Because virtually every sin begins as a desire in the mind, the command against coveting (lustful cravings) could be the key to keeping the other commandments.
A biblical survey of coveting: what it is, what it produces and what a Christian should be doing.
Even if we have everything we could ever want or need, when we die, our goods will do nothing for us. Because of wealth, the fool believes he has no need of God.
The addiction of gambling comes from the lure of effortless profit and the way of get, motivated by covetousness, which militates against contentment.
All the medieval 'seven deadly sins' could be categorized as a facet of lust. God designed us to have proper desires, just as His desires are always proper.
One commentator said all public crime would cease if this one law was kept. Another said every sin against one's neighbor springs from breaking this commandment.
Everyone is out to acquire as much as possible for himself. The tenth commandment, however, governs this proclivity of human nature, striking at man's heart.
John Ritenbaugh, reflecting on the curse of a corrupt judicial system described in Ecclesiastes 5:8-9, warns us that corruption in the courts is a fact of life, but it will intensify before Christ returns. We should not be surprised by this curse, realizin. . .
Coveting begins as a desire. Human nature cannot be satisfied, nothing physical can satisfy covetousness, and joy does not derive from materialism.
Martin Collins, using a hybrid word, "affluenza," characterizes the deadly consequences of our pleasure-dominated life. Affluenza describes the bloated, unfeeling insensitivity caused by trying to keep up with the Joneses, the stress caused by do. . .
There is more to the eighth commandment than the physical act of stealing. This Bible Study explores other ways of stealing and how to avoid Satan's way of get.
Mercenaries are soldiers who fight for money. Sociologists are concerned that the mercenary attitude pervades American culture from Washington to Peoria. Does the Bible have anything to say about this "each man for himself" way of life?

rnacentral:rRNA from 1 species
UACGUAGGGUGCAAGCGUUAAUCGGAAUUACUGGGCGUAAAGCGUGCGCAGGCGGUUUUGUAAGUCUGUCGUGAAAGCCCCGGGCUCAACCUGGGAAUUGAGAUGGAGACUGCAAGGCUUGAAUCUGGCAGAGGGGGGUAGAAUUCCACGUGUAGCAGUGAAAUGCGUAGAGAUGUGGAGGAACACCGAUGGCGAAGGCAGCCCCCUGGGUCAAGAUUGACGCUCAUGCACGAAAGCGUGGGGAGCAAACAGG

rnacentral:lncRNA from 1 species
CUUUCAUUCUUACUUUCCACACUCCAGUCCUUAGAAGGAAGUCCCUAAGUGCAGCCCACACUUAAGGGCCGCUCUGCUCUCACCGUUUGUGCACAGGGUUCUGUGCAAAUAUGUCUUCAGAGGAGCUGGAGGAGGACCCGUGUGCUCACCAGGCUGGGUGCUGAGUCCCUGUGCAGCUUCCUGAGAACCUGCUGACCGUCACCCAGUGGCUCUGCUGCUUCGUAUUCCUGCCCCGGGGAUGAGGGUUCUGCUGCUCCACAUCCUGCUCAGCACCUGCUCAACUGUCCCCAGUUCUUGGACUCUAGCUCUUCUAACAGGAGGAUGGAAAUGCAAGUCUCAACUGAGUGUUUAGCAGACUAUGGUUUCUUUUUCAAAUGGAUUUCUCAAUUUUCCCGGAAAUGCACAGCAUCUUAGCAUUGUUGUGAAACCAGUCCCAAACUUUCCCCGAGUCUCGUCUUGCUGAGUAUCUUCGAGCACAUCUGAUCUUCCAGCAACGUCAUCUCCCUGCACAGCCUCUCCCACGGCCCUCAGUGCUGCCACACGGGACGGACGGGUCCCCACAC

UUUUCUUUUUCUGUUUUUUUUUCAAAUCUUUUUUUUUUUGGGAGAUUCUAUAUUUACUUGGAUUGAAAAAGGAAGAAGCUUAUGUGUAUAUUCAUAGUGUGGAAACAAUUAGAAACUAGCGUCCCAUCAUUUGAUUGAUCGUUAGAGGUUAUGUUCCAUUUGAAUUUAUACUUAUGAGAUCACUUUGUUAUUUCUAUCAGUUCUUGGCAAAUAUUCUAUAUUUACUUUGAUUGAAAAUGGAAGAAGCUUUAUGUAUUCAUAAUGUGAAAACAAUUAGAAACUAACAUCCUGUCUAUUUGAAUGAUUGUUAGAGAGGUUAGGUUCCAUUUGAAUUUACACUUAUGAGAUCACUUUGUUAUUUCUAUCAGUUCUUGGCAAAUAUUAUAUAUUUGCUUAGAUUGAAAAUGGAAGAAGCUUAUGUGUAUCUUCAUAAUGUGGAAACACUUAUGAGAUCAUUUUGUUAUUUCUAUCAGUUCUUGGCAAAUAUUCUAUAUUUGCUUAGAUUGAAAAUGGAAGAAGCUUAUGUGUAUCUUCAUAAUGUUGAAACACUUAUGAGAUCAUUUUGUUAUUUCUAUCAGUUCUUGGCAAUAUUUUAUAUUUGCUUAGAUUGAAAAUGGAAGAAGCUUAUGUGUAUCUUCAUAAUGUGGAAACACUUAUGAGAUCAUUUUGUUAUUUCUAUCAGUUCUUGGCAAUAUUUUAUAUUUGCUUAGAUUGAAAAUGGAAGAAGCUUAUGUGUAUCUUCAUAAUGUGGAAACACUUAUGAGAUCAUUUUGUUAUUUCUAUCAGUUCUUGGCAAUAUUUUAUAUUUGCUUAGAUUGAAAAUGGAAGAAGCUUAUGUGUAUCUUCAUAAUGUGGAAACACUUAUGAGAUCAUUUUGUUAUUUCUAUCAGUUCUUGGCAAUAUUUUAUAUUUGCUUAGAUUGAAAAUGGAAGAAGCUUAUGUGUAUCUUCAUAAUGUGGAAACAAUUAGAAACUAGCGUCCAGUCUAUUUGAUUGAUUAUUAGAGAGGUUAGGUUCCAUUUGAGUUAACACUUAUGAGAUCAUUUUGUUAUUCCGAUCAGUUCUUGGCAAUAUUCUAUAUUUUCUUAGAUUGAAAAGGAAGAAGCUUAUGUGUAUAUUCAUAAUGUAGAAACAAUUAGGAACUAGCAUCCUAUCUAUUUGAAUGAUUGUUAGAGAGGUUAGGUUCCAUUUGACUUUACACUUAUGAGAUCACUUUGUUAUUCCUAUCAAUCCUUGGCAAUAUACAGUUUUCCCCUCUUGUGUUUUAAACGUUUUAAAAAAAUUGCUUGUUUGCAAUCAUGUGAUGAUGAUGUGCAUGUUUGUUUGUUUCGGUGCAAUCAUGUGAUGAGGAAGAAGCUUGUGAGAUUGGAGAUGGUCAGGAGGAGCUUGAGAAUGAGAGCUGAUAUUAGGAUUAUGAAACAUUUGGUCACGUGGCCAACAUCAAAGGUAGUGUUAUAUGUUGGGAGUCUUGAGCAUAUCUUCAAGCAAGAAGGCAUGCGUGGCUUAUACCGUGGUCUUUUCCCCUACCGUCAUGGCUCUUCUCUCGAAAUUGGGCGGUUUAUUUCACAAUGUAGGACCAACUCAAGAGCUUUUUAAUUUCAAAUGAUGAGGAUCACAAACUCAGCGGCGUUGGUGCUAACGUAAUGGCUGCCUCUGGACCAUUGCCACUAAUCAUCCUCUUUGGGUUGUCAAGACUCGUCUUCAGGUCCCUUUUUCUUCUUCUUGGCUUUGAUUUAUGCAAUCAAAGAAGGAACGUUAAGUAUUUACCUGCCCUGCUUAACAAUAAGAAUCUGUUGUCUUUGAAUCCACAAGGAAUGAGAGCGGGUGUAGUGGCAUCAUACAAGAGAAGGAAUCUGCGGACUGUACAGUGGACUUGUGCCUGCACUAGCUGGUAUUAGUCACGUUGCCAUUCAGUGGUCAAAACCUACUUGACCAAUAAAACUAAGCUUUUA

Solomon provides these comparisons to indicate the choices we should make to live better lives in alignment with God, even in an 'nder the sun' world.
Coveting—lust—is a fountainhead of many other sins. Desiring things is not wrong, but desiring someone else's things promotes overtly sinful behavior.
Jesus taught that all outward sin stems from inner inordinate desire. What we desire or lust after automatically becomes our idol.
In the rich young ruler, we see a respectful and eager young man who leaves Christ and goes away sorrowful. The Christian walk is particularly hard for the wealthy.
"But you, Daniel, shut up the words, and seal the book until the time of the end; many shall run to and fro, and knowledge shall increase" (Daniel 12:4). ...
Martin Collins, observing that President Obama's speech immediately following a prior address by Pope Francis to the United Nations, occurring simultaneously on the beginning of the Feast of Tabernacles, was perhaps the keynote speech of a sinister new wor. . .
Scripture holds the divinely ordained institution of marriage in high regard. Here is why God considers marriage to be so important to us, society, and His purpose.
John Ritenbaugh, reiterating that only by a massive returning to God will a positive change take place on the political landscape, declares that such a returning is not likely to happen. A group of people to rectify the ugly situation has not emerged. Like. . .
Most people consider the second commandment to deal with making or falling down before a pagan idol, but it covers all aspects of the way we worship.
Many fail to perceive the difference between the first and second commandments. The second commandment defines the way we are to worship the true God.
Martin Collins, reviewing the episode of Habakkuk's frustration that God would use an evil people to punish Israel, points us to the prophet's resolve to cease being a fretful worrier and to become a responsible watcher, determined to understand the purpos. . .
Anxiety and fretting (symptoms of coveting and idolatry), in addition to cutting life short, erode faith, destroying serenity by borrowing tomorrow's troubles.
Lust begets a guilty conscience, agitation, anxiety, depression, grief, torment. Wrong desire leads to lying, adultery, and murder—eventually leading to death.
The apostle John warns us to be vigilant about the world, not loving its attitudes, mindsets, and frame of mind. We cannot both love the world and love God.
We must lay aside every weight, accept God's chastening, receive encouragement from those who have gone before, and get back into the spiritual race.
Pride, the father of all sins, is the source of self-exaltation, self-justification and the despising of authority. It cloaks rebellion in a deceptive appeal.
Receive Biblical truth in your inbox—spam-free! This daily newsletter provides a starting point for personal study, and gives valuable insight into the verses that make up the Word of God. See what over 145,000 subscribers are already receiving.